FDA Approves Ramucirumab Plus Paclitaxel for Advanced Gastric Cancer

The FDA has approved the combination of ramucirumab and paclitaxel as a treatment for patients with previously treated advanced gastric or gastroesophageal junction adenocarcinoma.

Richard Gaynor, MD

The FDA has approved the combination of ramucirumab (Cyramza) and paclitaxel as a treatment for patients with previously treated advanced gastric or gastroesophageal junction (GEJ) adenocarcinoma, based on data from the phase III RAINBOW trial.

In this trial, the combination of the VEGFR-2 inhibitor ramucirumab and paclitaxel improved overall survival (OS) by 2.3 months over paclitaxel alone, representing a 19% improvement. The FDA initially approved Ramucirumab in April 2014 as a treatment for patients with unresectable gastric cancer or GEJ adenocarcinoma following fluoropyrimidine- or platinum-containing therapy, based on the phase III REGARD trial. In this trial, OS was improved by 1.4 months with ramucirumab compared with placebo.

"This FDA approval of Cyramza represents another milestone for people battling this devastating and difficult-to-treat disease," Richard Gaynor, MD, senior vice president, product development and medical affairs for Lilly Oncology, the manufacturer of the drug, said in a press release. "Lilly is pleased to continue delivering on its commitment to provide new treatment options to people living with cancer and those who care for them."

In the RAINBOW trial, 665 patients with GEJ and gastric adenocarcinoma were evenly randomized to receive ramucirumab plus paclitaxel (n = 330) or placebo plus paclitaxel (n = 335). Patients enrolled in the study were treated with first-line fluoropyrimidine- or platinum-containing therapy. Most patients in the study had an ECOG performance status of 0 or 1. Both ramucirumab and placebo were administered in respective cohorts intravenously at 8 mg/kg on days 1 and 15. In both arms, paclitaxel was administered at 80 mg/m2 on days 1, 8, and 15 of a 4-week cycle.

In the study, the median OS was 9.6 months with ramucirumab plus paclitaxel versus 7.4 months for paclitaxel alone (HR = 0.81; 95% CI, 0.678-0.962; P = .017). The median PFS was 4.4 versus 2.9 months, for the ramucirumab and placebo arms, respectively (HR = 0.64; 95% CI, 0.536-0.752; P <.0001).

The median time to progression was 5.5 months versus 3.0 months (P <.0001) and ORR was 28% compared with 16% (P = .0001), for the ramucirumab combination versus paclitaxel alone, respectively. The disease control rate with ramucirumab was 80% compared with 64% with paclitaxel (P <.0001).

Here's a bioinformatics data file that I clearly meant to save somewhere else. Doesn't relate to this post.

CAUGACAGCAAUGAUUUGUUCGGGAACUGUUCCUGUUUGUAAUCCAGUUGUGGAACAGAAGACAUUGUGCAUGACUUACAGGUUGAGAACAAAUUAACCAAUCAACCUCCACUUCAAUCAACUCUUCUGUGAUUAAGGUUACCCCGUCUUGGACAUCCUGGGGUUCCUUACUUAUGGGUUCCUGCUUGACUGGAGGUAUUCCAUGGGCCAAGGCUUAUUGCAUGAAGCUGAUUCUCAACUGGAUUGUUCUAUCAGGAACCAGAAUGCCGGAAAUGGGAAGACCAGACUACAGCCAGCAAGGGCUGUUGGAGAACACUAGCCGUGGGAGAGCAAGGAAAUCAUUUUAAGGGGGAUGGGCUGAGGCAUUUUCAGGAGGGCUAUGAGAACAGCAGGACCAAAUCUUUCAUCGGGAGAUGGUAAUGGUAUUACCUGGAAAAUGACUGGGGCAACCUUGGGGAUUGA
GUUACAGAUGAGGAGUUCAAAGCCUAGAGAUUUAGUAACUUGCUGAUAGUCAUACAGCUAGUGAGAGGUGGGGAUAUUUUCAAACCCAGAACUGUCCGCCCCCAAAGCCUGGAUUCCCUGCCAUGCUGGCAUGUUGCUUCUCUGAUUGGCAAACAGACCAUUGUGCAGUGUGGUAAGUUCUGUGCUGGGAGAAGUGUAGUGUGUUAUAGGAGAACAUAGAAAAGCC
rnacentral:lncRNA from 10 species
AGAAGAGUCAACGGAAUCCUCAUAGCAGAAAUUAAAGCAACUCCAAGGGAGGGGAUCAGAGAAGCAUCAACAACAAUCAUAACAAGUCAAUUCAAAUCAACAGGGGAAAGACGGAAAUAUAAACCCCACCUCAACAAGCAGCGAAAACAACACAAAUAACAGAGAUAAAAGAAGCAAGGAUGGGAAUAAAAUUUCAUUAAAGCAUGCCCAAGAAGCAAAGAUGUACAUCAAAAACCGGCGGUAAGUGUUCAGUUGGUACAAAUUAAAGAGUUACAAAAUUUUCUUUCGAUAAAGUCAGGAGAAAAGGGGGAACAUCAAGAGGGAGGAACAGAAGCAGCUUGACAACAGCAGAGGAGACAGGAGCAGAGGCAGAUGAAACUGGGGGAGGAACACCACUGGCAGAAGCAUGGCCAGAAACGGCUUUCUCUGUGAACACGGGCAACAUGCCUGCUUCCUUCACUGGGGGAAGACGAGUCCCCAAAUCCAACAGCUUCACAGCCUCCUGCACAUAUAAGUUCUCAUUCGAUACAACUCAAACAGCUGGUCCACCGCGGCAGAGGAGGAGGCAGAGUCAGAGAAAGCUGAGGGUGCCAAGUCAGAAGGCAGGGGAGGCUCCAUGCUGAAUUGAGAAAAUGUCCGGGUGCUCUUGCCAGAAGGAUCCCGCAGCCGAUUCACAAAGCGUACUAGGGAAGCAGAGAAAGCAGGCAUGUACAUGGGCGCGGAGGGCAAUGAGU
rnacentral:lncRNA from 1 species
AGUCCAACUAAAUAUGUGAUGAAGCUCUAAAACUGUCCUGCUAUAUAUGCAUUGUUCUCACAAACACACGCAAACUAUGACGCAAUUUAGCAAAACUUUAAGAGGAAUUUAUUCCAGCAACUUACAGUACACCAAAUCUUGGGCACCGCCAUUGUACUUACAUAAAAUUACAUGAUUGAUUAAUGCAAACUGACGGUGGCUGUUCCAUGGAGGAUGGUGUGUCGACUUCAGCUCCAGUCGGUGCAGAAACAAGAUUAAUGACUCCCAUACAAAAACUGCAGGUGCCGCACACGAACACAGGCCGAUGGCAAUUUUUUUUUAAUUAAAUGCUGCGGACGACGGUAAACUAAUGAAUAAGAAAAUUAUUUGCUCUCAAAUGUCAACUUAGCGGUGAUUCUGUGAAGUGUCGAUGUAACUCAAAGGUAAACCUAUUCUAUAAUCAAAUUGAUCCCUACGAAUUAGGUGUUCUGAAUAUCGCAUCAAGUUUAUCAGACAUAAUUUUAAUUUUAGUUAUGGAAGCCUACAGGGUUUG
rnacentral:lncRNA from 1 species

“The survival difference in favor of ramucirumab plus paclitaxel was 9.7 versus 7.4 months, and this differences of 2.3 months is an astonishingly good result in such a challenging patient population,” lead study author Hansjochen Wilke, MD, the director of the Department of Oncology, Hematology and Center of Palliative Care at Kliniken Essen-Mitte in Essen, Germany, said when data from the RAINBOW trial were announced at the 2014 GI Cancers Symposium. “This difference was not only statistically significant but also clinically meaningful.”

In the study, grade 3 or greater neutropenia occurred in 40.7% of patients in the combination arm compared with 18.8% for paclitaxel plus placebo. Rates of febrile neutropenia were 3.1% with the combination compared with 2.4% with paclitaxel plus placebo. Hypertension was 14.1% with the ramucirumab combination compared with 2.4% with paclitaxel alone.

Ramucirumab carries a Boxed Warning regarding increased risk of severe and sometimes fatal hemorrhage. In the REGARD study, hypertension was more common in the ramucirumab arm (16% versus 8%). However, all-grade adverse events were similar between the two groups at 94% compared with 88% for ramucirumab and placebo, respectively.

Results from a number of large studies exploring ramucirumab have been announced in the past year. Most recently, the phase III RAISE trial showed that the combination of ramucirumab and FOLFIRI significantly improved OS and PFS compared with chemotherapy alone as a second-line treatment for patients with metastatic colorectal cancer. Eli Lilly and Company, announced plans to present data from the RAISE trial in 2015. Additionally, the company expects to initiate regulatory submissions in the first half of 2015.